Altered Taste After Stem Cell Transplants for Multiple Myeloma May Negatively Affect Daily Calorie Intake, Quality of Life


Stem cell transplants may cause dysgeusia — a disorder that alters a person’s taste —in some patients with multiple myeloma, which is a type of blood cancer. This disorder may have a domino effect on quality of life, although levels may return to normal a few months after the procedure, an expert said.

Patients with multiple myeloma may experience taste changes after undergoing autologous hematopoietic cell transplantation, which may be associated with lower food consumption and higher levels of chemotherapy in the body, according to recent study findings.

A tongue depressor is used to hold down a patient's tongue for assessment

Changes in taste following an autologous hematopoietic cell transplantation may be associated with lower food consumption and an altered quality of life in patients with multiple myeloma.

“At the very least, we hoped that our study could more objectively quantify and describe what patients tell us in our daily practices all of the time,” said Dr. Michael Scordo, an assistant attending in the Adult Bone Marrow Transplant Service at Memorial Sloan Kettering Cancer Center in New York, in an interview with CURE®. “I can tell you that when I discuss some of the findings with my patients undergoing autologous (hematopoietic cell transplantation) for (multiple myeloma), they are highly interested and pleased to hear that efforts are being made to study these all-too-common symptoms.”

Scordo added that although this is a common symptom of autologous hematopoietic cell transplantation, it is not one that is studied often by researchers.

Of note, an autologous hematopoietic cell transplantation is a procedure in which healthy stem cells are collected from a patient’s blood or bone marrow. Then, according to the National Cancer Institute, the healthy stem cells are stored while the patient receives chemotherapy and/or radiation. After treatment has been completed, the healthy stem cells are transplanted back into the patient to replace any cells that were damaged as a result of treatment.

“Taste disturbance — or dysgeusia — during and after cancer therapy is often reported by patients and can negatively affect nutritional intake and quality of life,” Scordo explained. “Dysgeusia frequently occurs in patients undergoing hematopoietic cell transplantation, wherein taste disturbances occur due to many factors including severe conditioning regimen-related oral-gastrointestinal mucosal injury, various medications and potentially changes in oral-(gastrointestinal) microbiome biodiversity.”

To assess taste disturbance, Scordo and colleagues used chemical gustometry to measure this symptom and its association with nutrition, symptom burden, the oral microbiome (viruses and microorganisms that live in the mouth) and chemotherapy pharmacokinetics (how drugs act in the body over time).

“We aimed to use a standardized method of taste testing called chemical gustometry to comprehensively assess taste disturbances in the five flavors (sweet, sour, salty, bitter, umami) over time in patients with multiple myeloma receiving high-dose melphalan prior to autologous (hematopoietic cell transplantation),” Scordo told CURE®. “We also explored some potential novel contributors to dysgeusia using blood and saliva samples, assessing whether higher blood and saliva melphalan pharmacokinetic exposure, and whether a reduction in oral microbiota diversity may influence taste after (hematopoietic cell transplantation).”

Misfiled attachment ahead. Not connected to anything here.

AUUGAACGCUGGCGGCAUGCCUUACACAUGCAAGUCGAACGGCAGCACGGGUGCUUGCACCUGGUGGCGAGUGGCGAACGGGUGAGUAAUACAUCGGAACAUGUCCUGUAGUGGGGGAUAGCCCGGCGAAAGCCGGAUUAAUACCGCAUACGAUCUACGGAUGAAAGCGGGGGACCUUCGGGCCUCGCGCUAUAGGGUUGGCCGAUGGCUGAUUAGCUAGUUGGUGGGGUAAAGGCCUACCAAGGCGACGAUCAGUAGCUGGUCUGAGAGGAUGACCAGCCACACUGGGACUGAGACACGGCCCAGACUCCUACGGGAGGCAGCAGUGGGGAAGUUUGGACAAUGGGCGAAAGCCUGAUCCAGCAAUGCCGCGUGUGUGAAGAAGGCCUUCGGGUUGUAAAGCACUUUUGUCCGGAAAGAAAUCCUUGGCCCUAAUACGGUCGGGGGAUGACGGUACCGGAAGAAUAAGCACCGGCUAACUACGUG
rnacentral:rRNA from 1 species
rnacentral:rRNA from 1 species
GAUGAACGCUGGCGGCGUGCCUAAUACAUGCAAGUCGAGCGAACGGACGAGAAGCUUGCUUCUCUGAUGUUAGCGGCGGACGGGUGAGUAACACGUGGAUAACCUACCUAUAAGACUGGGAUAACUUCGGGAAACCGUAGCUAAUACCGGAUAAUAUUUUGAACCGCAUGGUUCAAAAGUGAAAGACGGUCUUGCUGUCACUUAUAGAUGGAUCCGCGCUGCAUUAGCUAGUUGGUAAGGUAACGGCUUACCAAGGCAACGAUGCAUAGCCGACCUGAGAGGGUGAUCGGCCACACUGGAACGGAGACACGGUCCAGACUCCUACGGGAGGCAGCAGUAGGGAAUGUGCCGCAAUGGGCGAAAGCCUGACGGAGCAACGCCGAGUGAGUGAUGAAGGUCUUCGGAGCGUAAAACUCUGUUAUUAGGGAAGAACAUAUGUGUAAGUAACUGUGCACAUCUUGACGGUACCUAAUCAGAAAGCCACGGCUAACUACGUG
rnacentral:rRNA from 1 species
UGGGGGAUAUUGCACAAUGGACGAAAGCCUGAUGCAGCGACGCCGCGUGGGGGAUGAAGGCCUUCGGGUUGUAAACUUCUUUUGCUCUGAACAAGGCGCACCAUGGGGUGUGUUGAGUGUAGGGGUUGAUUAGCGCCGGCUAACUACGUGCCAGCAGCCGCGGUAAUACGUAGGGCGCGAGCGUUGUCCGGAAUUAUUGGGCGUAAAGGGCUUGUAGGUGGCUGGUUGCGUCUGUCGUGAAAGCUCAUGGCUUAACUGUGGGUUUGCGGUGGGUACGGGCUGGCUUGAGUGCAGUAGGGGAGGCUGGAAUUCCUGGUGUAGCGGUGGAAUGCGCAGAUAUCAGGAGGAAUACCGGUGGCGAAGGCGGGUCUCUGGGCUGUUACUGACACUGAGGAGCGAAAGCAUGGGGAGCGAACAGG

Researchers analyzed chemical gustometry scores of 45 patients in this study, of whom 87% completed at least four assessments and 49% completed all six assessments. Median total scores from the chemical gustometry assessments were stable over time but were the lowest at day seven (indicating taste disturbance) after undergoing autologous hematopoietic cell transplantation and returned to normal by day 100 after the transplant.

“While total chemical gustometry scores generally remained relatively stable over time early after (hematopoietic cell transplantation), some patients experienced abnormal chemical gustometry scores for specific taste solutions over time,” Scordo said. “For example, almost half of umami scores were abnormal at day (seven after transplant) and persisted in some patients until day 30 (after transplant), and about one-third of patients had altered salty scores at day 100 (after transplant).”

Approximately 10 days after undergoing autologous hematopoietic cell transplantation, patients faced the highest symptom burden, which was linked to the lowest median overall caloric intake at an average of 1,624 calories.

“We believe that specific taste disturbances may contribute to specific food aversions and changes in food preferences that may negative affect total nutritional intake,” Scordo explained.

Higher levels of melphalan in patients’ blood and saliva were associated with higher patient-reported taste disturbances and lower caloric intake.

Diversity of oral microbiota was stable early after patients underwent autologous hematopoietic cell transplantation and increased slightly by 100 days after the transplant.

Scordo said that the research he and his colleagues conducted may also apply to patients with other disease states.

“We … hope that the knowledge acquired through our current study can be applied to patients undergoing (hematopoietic cell transplantation) for other disorders or for patients receiving chemotherapy for other cancers,” he mentioned.

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